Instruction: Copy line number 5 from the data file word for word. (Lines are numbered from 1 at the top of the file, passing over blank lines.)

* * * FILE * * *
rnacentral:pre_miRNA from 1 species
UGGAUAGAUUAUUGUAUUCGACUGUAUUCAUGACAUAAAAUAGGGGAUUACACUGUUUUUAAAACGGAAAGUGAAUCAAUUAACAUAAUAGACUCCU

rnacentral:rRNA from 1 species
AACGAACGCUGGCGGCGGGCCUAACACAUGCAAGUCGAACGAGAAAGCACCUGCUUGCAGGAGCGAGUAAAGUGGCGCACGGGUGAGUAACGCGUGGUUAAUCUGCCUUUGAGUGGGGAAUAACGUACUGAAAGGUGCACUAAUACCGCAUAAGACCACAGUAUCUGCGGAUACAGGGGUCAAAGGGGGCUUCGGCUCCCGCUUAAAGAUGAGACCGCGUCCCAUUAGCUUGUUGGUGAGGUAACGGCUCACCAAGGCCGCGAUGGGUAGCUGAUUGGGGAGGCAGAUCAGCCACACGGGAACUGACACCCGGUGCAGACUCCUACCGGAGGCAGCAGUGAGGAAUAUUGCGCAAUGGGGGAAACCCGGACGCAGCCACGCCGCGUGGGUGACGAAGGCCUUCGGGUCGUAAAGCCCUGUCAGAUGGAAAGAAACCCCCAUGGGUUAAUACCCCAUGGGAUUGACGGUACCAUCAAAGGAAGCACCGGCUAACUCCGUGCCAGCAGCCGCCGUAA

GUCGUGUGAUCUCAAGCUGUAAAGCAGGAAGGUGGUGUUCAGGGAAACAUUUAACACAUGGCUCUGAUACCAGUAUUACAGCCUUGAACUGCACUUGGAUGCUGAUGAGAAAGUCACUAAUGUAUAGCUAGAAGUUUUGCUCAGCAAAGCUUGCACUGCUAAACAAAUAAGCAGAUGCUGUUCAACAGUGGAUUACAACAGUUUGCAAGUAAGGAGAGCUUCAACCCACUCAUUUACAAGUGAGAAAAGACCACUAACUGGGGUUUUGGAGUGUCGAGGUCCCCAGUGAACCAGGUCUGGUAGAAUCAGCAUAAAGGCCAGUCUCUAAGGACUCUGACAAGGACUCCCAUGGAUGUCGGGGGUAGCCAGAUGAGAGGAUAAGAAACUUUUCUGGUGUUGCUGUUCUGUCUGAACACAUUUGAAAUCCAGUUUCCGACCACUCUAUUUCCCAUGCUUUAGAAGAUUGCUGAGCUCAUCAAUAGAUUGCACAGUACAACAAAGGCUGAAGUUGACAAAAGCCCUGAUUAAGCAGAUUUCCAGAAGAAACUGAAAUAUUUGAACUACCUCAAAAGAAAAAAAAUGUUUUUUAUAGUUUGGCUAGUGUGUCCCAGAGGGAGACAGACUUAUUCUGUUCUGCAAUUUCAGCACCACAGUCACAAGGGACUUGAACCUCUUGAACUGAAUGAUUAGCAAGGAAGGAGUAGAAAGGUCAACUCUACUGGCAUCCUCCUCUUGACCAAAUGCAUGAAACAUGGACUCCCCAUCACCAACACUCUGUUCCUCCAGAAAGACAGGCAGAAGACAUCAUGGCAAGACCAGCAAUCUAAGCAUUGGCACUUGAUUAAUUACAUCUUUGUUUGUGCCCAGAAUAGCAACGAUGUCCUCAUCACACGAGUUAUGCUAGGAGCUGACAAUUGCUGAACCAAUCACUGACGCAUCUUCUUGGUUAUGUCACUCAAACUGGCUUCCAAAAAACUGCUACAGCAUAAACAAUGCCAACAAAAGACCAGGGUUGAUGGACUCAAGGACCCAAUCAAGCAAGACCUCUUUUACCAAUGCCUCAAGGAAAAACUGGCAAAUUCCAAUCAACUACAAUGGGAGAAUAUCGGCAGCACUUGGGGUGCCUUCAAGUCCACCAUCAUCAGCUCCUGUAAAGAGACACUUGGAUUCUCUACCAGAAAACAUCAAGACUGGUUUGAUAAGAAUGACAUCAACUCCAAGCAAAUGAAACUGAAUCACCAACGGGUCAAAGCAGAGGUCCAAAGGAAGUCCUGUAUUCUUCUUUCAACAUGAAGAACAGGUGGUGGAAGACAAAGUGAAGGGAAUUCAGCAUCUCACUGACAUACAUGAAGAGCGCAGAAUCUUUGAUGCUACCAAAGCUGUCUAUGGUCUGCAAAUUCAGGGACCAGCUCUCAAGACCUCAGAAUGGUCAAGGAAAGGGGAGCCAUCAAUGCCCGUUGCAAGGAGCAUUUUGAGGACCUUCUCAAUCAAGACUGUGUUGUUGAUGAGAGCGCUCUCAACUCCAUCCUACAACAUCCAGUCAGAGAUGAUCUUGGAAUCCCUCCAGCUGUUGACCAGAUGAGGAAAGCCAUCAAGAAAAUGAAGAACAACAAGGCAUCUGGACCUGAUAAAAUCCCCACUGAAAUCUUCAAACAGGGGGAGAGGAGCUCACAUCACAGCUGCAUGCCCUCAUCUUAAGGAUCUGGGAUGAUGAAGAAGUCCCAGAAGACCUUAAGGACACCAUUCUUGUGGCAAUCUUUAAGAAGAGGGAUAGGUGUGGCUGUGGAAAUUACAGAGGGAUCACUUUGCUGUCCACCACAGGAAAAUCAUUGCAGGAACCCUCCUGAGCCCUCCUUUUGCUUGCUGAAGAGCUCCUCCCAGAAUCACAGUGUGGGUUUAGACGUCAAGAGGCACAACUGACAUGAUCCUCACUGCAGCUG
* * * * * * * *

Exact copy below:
GUCGUGUGAUCUCAAGCUGUAAAGCAGGAAGGUGGUGUUCAGGGAAACAUUUAACACAUGGCUCUGAUACCAGUAUUACAGCCUUGAACUGCACUUGGAUGCUGAUGAGAAAGUCACUAAUGUAUAGCUAGAAGUUUUGCUCAGCAAAGCUUGCACUGCUAAACAAAUAAGCAGAUGCUGUUCAACAGUGGAUUACAACAGUUUGCAAGUAAGGAGAGCUUCAACCCACUCAUUUACAAGUGAGAAAAGACCACUAACUGGGGUUUUGGAGUGUCGAGGUCCCCAGUGAACCAGGUCUGGUAGAAUCAGCAUAAAGGCCAGUCUCUAAGGACUCUGACAAGGACUCCCAUGGAUGUCGGGGGUAGCCAGAUGAGAGGAUAAGAAACUUUUCUGGUGUUGCUGUUCUGUCUGAACACAUUUGAAAUCCAGUUUCCGACCACUCUAUUUCCCAUGCUUUAGAAGAUUGCUGAGCUCAUCAAUAGAUUGCACAGUACAACAAAGGCUGAAGUUGACAAAAGCCCUGAUUAAGCAGAUUUCCAGAAGAAACUGAAAUAUUUGAACUACCUCAAAAGAAAAAAAAUGUUUUUUAUAGUUUGGCUAGUGUGUCCCAGAGGGAGACAGACUUAUUCUGUUCUGCAAUUUCAGCACCACAGUCACAAGGGACUUGAACCUCUUGAACUGAAUGAUUAGCAAGGAAGGAGUAGAAAGGUCAACUCUACUGGCAUCCUCCUCUUGACCAAAUGCAUGAAACAUGGACUCCCCAUCACCAACACUCUGUUCCUCCAGAAAGACAGGCAGAAGACAUCAUGGCAAGACCAGCAAUCUAAGCAUUGGCACUUGAUUAAUUACAUCUUUGUUUGUGCCCAGAAUAGCAACGAUGUCCUCAUCACACGAGUUAUGCUAGGAGCUGACAAUUGCUGAACCAAUCACUGACGCAUCUUCUUGGUUAUGUCACUCAAACUGGCUUCCAAAAAACUGCUACAGCAUAAACAAUGCCAACAAAAGACCAGGGUUGAUGGACUCAAGGACCCAAUCAAGCAAGACCUCUUUUACCAAUGCCUCAAGGAAAAACUGGCAAAUUCCAAUCAACUACAAUGGGAGAAUAUCGGCAGCACUUGGGGUGCCUUCAAGUCCACCAUCAUCAGCUCCUGUAAAGAGACACUUGGAUUCUCUACCAGAAAACAUCAAGACUGGUUUGAUAAGAAUGACAUCAACUCCAAGCAAAUGAAACUGAAUCACCAACGGGUCAAAGCAGAGGUCCAAAGGAAGUCCUGUAUUCUUCUUUCAACAUGAAGAACAGGUGGUGGAAGACAAAGUGAAGGGAAUUCAGCAUCUCACUGACAUACAUGAAGAGCGCAGAAUCUUUGAUGCUACCAAAGCUGUCUAUGGUCUGCAAAUUCAGGGACCAGCUCUCAAGACCUCAGAAUGGUCAAGGAAAGGGGAGCCAUCAAUGCCCGUUGCAAGGAGCAUUUUGAGGACCUUCUCAAUCAAGACUGUGUUGUUGAUGAGAGCGCUCUCAACUCCAUCCUACAACAUCCAGUCAGAGAUGAUCUUGGAAUCCCUCCAGCUGUUGACCAGAUGAGGAAAGCCAUCAAGAAAAUGAAGAACAACAAGGCAUCUGGACCUGAUAAAAUCCCCACUGAAAUCUUCAAACAGGGGGAGAGGAGCUCACAUCACAGCUGCAUGCCCUCAUCUUAAGGAUCUGGGAUGAUGAAGAAGUCCCAGAAGACCUUAAGGACACCAUUCUUGUGGCAAUCUUUAAGAAGAGGGAUAGGUGUGGCUGUGGAAAUUACAGAGGGAUCACUUUGCUGUCCACCACAGGAAAAUCAUUGCAGGAACCCUCCUGAGCCCUCCUUUUGCUUGCUGAAGAGCUCCUCCCAGAAUCACAGUGUGGGUUUAGACGUCAAGAGGCACAACUGACAUGAUCCUCACUGCAGCUG